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Paris Echoes U.S. Hints At 'Progress' In Iran Nuclear Talks, Says 'Time Running Out'

French Foreign Minister Jean-Yves Le Drian (file photo)

French Foreign Minister Jean-Yves Le Drian has expressed optimism over an eventual return to a hobbled nuclear deal with Iran but warned that "time is running out" on those international negotiations.

"I remain convinced we can reach a deal. Bits of progress have been made in the last few days," Le Drian told BFM TV and RMC Radio on January 7. "We have been heading in a positive direction in the last few days, but time is of the essence, because if we don't get an accord quickly there will be nothing to negotiate."

The United States, whose withdrawal from 2015's multiparty Joint Comprehensive Plan Of Action (JCPOA) three years ago led to renewed unilateral sanctions to pressure Iran's leadership, said this week that a round of talks begun on January 3 had seen "modest progress."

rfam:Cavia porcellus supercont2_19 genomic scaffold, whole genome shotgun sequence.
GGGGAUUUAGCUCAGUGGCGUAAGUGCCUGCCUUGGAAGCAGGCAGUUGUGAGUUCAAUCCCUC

The talks restarted late last year after a pause accompanying the installation of a new, hard-line Iranian president last summer.

Tehran took steps to breach the JCPOA after the U.S. withdrawal and frustrated international inspection efforts more recently, and has insisted the United States lift its sanctions before it returns to a deal.

Western leaders urging a return to the deal have resisted specific deadlines but warned that there are "weeks not months" to hammer out an agreement to salvage the six-year-old agreement.

Iran has consistently rejected Israeli and Western accusations that it is seeking a nuclear weapons capability, even as the International Atomic Energy Agency (IAEA) has cited deception and obfuscation in the past by Tehran over sensitive nuclear activities.

Based on reporting by Reuters